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  HOME | Mexico

Mexico, US Agree to Bolster Energy Cooperation, Security

MEXICO CITY – Mexico and the US agreed Thursday to take energy relations to the “next level” and bolster security, interconnections and integration in the power sector to boost economic development, officials said.

The countries had a “frank” dialogue about energy security, Mexican Energy Secretary Pedro Joaquin Coldwell, and his American counterpart, Rick Perry, said in a joint statement.

Coldwell said the two sides created a three-point strategy focusing on trade; expansion of energy infrastructure along the border; and investment promotion.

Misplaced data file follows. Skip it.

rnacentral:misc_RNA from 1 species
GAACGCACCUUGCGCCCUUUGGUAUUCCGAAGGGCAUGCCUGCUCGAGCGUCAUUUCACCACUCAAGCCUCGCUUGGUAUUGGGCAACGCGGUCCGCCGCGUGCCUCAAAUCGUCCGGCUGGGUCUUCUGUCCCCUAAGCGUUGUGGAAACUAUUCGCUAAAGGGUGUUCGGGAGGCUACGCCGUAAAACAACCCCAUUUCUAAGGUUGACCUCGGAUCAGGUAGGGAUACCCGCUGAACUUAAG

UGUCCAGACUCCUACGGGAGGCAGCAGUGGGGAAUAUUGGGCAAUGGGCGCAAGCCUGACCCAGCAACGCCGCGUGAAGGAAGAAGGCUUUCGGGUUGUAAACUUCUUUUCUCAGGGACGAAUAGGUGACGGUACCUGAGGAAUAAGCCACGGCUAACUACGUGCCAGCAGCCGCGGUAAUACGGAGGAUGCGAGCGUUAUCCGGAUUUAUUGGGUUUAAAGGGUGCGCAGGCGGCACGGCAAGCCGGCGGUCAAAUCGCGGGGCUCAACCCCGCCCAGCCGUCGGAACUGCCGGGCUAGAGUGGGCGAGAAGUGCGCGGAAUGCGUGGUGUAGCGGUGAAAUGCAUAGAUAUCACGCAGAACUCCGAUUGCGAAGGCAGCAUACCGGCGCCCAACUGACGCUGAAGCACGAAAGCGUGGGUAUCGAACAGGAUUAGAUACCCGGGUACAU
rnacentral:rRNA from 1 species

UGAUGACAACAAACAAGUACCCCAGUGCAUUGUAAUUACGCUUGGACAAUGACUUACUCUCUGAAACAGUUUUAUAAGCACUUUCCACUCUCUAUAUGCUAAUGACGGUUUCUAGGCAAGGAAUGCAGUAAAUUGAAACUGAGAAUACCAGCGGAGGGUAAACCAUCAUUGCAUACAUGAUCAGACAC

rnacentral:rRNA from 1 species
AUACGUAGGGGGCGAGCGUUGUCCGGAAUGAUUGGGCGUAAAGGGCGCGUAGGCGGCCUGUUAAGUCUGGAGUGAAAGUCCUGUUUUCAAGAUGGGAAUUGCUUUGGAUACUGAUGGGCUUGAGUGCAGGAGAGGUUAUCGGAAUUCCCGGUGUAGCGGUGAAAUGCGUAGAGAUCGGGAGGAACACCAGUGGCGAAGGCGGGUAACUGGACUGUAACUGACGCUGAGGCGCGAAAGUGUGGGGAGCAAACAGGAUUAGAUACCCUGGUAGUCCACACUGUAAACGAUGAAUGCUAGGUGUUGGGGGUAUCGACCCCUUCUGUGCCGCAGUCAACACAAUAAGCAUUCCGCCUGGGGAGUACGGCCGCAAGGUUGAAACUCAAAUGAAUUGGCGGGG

Mexico is the No. 2 US trading partner in the energy area and the two countries have developed extensive infrastructure that has the potential to be expanded, Coldwell said.

The 11 high-voltage cross-border power lines carried 3,781 gigawatt hours (GW/h) between Mexico and the US in 2016.

Mexico City and Washington have identified numerous investment opportunities for companies looking to employ capital in the sector, Coldwell said.

Perry, for his part, said the strategy’s goal was to expand energy security and bolster economic growth in North America, benefiting the US, Mexico and Canada.

Cross-border energy trade totaled $39 billion in 2016, Coldwell said.

Mexico is the No. 4 exporter of crude oil, mostly heavy crude that requires additional refining, to the US, while 58 percent of US gas exports and 40 percent of petroleum exports head to Washington’s southern neighbor.

US companies bidding on projects in Mexico’s recently liberalized energy industry have agreed to pump $7.5 billion into projects in the sector, Coldwell said.

 

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